Singer T, Barad DH, Weghofer A, Gleicher, N. Correlation of anti-Mullerian hormone and baseline follicle-stimulating hormone level. Fertil Steril 2009;91:2616-19.  Back to cited text no. 12
    
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Fayereisen E, Mendez Lozano DH, Taleb J, Hesters L, Frydman R, Fanchin R. Anti-Mullerian hormone: Clinical insights into a promising biomarker of ovarian follicular status. Reprod Biomed Online 2006;12:695-703.  Back to cited text no. 13
    
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Frattarelli JL, Levi AJ, Miller BT, Segars JH. A prospective assessment of the predictive value of basal antral follicles in in vitro fertilization cycles. Fertil Stail 2003;80:350-5.  Back to cited text no. 14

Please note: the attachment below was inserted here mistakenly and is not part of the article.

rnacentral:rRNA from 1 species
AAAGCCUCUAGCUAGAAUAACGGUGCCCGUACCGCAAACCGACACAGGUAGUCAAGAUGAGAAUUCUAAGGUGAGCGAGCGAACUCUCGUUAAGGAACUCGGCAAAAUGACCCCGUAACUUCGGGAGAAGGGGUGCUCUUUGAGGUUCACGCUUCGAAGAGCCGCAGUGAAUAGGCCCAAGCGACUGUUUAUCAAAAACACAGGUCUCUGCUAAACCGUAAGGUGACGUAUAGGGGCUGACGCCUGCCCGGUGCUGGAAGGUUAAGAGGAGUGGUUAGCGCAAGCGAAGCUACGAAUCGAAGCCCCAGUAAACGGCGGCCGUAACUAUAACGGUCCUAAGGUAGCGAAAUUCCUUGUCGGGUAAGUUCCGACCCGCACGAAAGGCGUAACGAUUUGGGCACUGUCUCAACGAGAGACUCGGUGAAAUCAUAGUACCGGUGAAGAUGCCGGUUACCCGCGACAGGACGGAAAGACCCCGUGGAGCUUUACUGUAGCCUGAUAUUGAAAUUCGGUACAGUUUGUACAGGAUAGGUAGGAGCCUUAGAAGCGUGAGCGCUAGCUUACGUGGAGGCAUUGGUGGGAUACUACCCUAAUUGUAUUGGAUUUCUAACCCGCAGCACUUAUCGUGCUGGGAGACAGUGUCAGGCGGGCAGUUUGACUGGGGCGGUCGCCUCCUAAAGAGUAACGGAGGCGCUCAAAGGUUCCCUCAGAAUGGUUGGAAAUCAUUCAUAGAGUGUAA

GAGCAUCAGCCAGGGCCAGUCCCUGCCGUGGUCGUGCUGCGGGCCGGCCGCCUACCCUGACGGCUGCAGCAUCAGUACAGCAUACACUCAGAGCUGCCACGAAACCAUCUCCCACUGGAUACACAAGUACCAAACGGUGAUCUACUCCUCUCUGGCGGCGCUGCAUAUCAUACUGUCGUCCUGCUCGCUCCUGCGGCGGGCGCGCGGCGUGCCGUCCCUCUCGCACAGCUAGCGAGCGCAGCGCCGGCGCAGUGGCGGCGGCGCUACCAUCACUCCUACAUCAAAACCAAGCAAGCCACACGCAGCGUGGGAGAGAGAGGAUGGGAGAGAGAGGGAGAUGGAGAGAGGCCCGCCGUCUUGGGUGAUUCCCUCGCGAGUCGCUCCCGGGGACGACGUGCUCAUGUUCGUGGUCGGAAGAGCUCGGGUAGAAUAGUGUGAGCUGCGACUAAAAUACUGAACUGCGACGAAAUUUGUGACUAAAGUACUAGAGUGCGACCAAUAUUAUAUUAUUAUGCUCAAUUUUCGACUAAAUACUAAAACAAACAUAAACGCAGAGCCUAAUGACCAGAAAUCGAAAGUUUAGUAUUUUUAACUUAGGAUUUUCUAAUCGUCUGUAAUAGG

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Parveen N, Rehman D, Baloch N, Masroor K. Association of serum Mullerian inhibiting hormone with the gonadotropins in infertile women. Isra Med J 2018;10:12-5.  Back to cited text no. 15
    
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Dorotheam W, Nicka B, Mengistu YR, Robert K, Martin HR. Statistically significant changes of anti-Mullerian hormone and inhibin levels during the physiologic menstrual cycle in reproductive age women. Fertil Steril 2008;84:927-33.  Back to cited text no. 16
    
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Schonauercm FR, Righini C, Guibourdenche J, Frydman R. Strongly related to ovarian follicular status than serum inhibin B, estradiol, FSH and LH on day 3. Hum Reprod 2003;18:323-7.  Back to cited text no. 17